We further note that, in rendering its decision, the court in White relied, in part, on a conclusion that the defendant had a right to intrastate travel under the California Constitution and that the challenged restriction impinged upon her exercise of that right. In arguing the existence of a similar right to intrastate travel in Alaska, Oyoghok has failed to demonstrate that the special condition imposed against her actually impaired her ability to travel or discouraged her from travelling, and we therefore do not decide the issue.
Second, we note that, unlike most cases involving claims of unconstitutional overbreadth, this case deals with a special condition of probation applicable only to Oyoghok, and not with a statute or ordinance applicable to a certain group or class of individuals or to the general public. Consequently, the potential for a chilling effect on the exercise of first amendment freedoms by others as a result of the broad terms of the restriction in this case is virtually non-existent. The restrictive condition in this case applied to Oyoghok, and to her alone.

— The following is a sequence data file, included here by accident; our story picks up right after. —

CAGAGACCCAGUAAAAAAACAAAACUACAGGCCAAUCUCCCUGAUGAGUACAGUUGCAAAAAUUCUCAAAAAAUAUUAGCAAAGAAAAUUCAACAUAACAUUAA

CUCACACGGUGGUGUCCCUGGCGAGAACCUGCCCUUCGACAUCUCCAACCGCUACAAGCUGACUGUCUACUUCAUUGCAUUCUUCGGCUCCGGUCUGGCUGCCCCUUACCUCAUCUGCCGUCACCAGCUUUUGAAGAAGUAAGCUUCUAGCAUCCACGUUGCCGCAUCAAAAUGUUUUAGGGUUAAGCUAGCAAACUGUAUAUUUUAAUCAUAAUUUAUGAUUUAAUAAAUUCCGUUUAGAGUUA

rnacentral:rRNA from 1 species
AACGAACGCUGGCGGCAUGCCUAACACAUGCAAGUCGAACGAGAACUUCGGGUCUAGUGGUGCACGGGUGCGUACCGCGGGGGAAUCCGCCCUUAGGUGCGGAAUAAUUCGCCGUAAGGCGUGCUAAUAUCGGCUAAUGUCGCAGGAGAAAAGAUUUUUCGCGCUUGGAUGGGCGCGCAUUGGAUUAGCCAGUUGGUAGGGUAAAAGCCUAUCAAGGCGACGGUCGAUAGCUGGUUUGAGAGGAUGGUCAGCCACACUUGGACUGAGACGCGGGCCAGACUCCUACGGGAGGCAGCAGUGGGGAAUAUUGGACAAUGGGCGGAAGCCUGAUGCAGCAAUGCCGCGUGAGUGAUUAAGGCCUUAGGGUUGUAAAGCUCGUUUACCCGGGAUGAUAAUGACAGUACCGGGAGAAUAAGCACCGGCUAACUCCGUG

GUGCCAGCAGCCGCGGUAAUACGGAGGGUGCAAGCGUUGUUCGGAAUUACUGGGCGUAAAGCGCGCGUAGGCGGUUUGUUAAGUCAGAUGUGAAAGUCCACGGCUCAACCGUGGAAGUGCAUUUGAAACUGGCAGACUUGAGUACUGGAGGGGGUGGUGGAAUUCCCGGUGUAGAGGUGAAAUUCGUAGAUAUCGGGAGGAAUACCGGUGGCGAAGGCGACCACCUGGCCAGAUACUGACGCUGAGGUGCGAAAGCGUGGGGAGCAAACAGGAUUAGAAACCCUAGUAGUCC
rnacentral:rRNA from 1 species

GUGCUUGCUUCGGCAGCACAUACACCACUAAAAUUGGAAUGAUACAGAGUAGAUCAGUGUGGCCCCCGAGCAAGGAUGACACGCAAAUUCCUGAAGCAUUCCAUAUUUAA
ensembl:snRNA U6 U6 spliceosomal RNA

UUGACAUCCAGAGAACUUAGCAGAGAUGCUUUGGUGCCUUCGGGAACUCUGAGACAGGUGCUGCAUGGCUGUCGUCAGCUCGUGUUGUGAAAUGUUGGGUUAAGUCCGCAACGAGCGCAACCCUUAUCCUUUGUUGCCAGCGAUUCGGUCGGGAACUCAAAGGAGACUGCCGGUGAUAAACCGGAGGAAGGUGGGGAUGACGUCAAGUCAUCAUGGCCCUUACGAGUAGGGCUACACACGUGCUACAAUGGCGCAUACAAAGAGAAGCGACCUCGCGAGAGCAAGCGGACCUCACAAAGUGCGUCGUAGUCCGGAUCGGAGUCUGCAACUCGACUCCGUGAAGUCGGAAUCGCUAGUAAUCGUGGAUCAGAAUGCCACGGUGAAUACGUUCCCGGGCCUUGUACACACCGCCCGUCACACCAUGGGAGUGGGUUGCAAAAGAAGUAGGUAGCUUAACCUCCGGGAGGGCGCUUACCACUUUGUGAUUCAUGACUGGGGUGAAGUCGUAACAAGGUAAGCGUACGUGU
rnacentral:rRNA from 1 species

It is uncontested that the type of restriction imposed upon Oyoghok is commonly imposed against other persons convicted of similar offenses occurring in the same area of Anchorage. However, any potential chilling effect on a person other than Oyoghok resulting from use of a restriction such as the one here would arise from the specific restriction imposed against that person, and not from use of the condition in Oyoghok's case. Other persons convicted of offenses similar to Oyoghok's whose first amendment freedoms might actually be impaired by the imposition of a restriction as broad as that imposed in this case could, of course, seek an appropriate narrowing of the condition to suit their circumstances. Our holding is limited to the particular facts of this case, and we do not imply that we would reach a similar result in a case in which a condition as broad as the one in this case was imposed against a person whose first amendment rights were demonstrably affected thereby. By virtue of their limited applicability to individual probationers, conditions of probation, unlike statutes, are not realistically amenable to overbreadth challenges based on facial unconstitutionality; rather, such challenges must be considered as applied to the particular circumstances of each case.